"The full restoration of our New York Penn Station rail service marks another important milestone for NJ Transit and our customers, the majority of whom commute to and from Midtown Manhattan," executive director James Weinstein said. "Equally important is the progress we've made on the North Jersey Coast Line, which was among the hardest hit by Hurricane Sandy. Again, I cannot emphasize enough the tireless efforts made by our rail employees to restore service for our customers."
The North Jersey Coast Line is operating nine additional trains, restoring the line's service level to 96 percent of its pre-Sandy schedule. Two of the added trains will operate between Long Branch and New York Penn Station, while the remaining seven trains will either originate or terminate in Bay Head, with four of those trains resuming direct service between Bay Head and Hoboken Terminal.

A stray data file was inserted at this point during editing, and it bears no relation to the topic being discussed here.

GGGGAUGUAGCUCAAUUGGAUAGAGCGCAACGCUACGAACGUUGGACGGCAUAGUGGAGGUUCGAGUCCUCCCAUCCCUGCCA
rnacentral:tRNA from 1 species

Weekend service was restored to near pre-storm levels as of December 3rd.
Additional trains are as follows:
Customers are encouraged to review new timetables online at NJTransit.com.
Flooding from Hurricane Sandy and the resulting exposure to saltwater destroyed NJ Transit's Mason Substation in Hoboken, a critical component of the system's infrastructure that provides electric power for trains to operate into and out of Hoboken Terminal each day.
With no electric power available, diesel-powered trains have been substituted for electric-powered trains into and out of Hoboken, particularly along the Gladstone Branch of the Morris & Essex Lines. Approximately 24 electric-powered trains that operated along the Gladstone Branch pre-Sandy have been replaced by diesel-powered trains.
NJ Transit tentatively anticipates electric power to be restored to Hoboken Terminal by March, at which time electric trains will be restored to the affected lines. ---
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